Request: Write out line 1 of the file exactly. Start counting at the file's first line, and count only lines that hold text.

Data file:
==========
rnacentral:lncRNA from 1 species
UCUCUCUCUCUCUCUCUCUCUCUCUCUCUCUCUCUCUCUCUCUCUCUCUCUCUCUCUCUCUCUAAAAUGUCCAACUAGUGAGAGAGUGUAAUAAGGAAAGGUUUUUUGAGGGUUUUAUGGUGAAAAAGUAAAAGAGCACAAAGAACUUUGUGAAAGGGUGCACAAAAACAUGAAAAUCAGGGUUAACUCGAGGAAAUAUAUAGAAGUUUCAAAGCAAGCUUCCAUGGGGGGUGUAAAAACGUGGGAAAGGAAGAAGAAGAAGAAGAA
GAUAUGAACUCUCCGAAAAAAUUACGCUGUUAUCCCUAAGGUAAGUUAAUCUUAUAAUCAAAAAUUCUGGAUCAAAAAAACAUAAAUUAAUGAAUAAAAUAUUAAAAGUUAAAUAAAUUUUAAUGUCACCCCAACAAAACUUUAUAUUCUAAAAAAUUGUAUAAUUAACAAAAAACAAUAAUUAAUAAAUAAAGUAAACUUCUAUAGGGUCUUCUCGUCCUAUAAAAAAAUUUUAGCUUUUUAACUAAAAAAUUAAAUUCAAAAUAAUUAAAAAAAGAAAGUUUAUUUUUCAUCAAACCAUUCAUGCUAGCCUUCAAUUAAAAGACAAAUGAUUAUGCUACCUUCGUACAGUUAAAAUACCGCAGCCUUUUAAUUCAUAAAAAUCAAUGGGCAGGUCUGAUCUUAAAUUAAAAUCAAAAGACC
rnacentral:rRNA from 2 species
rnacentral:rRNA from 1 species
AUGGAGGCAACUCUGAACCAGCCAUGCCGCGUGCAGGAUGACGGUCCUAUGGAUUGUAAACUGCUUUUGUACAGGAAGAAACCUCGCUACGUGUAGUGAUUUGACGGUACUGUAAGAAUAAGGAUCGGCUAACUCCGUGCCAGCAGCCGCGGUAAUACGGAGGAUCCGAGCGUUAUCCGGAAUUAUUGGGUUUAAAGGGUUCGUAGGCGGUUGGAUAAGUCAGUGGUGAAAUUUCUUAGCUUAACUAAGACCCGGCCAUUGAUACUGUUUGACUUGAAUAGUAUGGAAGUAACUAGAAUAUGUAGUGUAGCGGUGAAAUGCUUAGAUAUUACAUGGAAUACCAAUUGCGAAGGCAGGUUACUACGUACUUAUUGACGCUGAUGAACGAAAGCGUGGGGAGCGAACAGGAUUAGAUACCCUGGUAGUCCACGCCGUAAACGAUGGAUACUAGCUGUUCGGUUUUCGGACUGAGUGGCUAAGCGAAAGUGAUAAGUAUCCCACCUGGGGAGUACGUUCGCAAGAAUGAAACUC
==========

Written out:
rnacentral:lncRNA from 1 species